You can't see the end result of the ramps because they're hidden by the shrimp, but holy moly I'm hooked. They had the consistency of a roasted scallion and packed a serious flavor punch. Make sure you do not eat these on a date or before any important meetings - though delicious, I had some of the most aggressive garlic-and-onion breath of my life. The shrimp were tender with only a mild luster of spice and the salad was crunchy and creamy at the same time. This dinner involved so many flavors at once and I relished every single bite!

Lamb Kebabs with Mediterranean Couscous Salad

Tuesday, May 27, 2014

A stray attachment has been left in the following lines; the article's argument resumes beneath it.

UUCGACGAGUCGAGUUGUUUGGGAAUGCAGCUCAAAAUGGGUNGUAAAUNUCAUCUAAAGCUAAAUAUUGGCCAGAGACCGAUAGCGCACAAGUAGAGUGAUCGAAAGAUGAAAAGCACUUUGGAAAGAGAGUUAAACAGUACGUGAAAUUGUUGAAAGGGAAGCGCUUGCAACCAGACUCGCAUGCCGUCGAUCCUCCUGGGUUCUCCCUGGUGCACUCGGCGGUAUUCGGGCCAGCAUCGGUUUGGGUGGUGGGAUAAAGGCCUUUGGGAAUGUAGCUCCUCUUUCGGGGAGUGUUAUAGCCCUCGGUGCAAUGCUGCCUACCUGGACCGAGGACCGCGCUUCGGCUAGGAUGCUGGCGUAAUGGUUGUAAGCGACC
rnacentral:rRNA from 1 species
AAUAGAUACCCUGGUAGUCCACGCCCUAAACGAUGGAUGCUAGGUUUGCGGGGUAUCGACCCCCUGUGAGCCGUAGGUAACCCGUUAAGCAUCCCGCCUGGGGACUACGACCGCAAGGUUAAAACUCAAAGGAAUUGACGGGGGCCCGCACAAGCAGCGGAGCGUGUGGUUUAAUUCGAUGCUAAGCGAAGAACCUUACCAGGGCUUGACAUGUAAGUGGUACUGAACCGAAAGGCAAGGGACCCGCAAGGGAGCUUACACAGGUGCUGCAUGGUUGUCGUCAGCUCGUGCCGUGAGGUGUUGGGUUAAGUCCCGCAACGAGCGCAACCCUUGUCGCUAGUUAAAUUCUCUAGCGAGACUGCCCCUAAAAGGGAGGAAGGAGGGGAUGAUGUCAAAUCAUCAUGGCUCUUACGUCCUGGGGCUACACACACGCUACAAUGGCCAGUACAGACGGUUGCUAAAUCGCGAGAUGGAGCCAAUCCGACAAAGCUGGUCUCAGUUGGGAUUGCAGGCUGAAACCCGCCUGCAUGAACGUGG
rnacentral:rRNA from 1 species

I have a confession: we didn't fire up the grill a single time this weekend. I know! It's our duty as American citizens to grill over Memorial Day, right? We're one of three apartments in our building with outdoor space. The owners who live on the penthouse level have a rooftop terrace. Then, there's us and our next door neighbor. The patio is one solid rectangle of pavers divided by an absolutely exquisite lime green plastic sheet. Last fall, the building dug up the old patio, added better drainage (this is good and overdue - we've had one major flood and a handful of rainy day leaks), and relaid pavers. When the work crew put the green plastic wall back up, they split the belongings.... incorrectly. We have their table and our chairs, some of their planters, and the bottom half of the grill only. Some of the items are properly sorted out now, but our little Weber is exceptionally rusty. Since Memorial Day weekend is also for Pure Relaxation, the end result was no rust scrubbing, no grilling, but lots of tasty indoor food.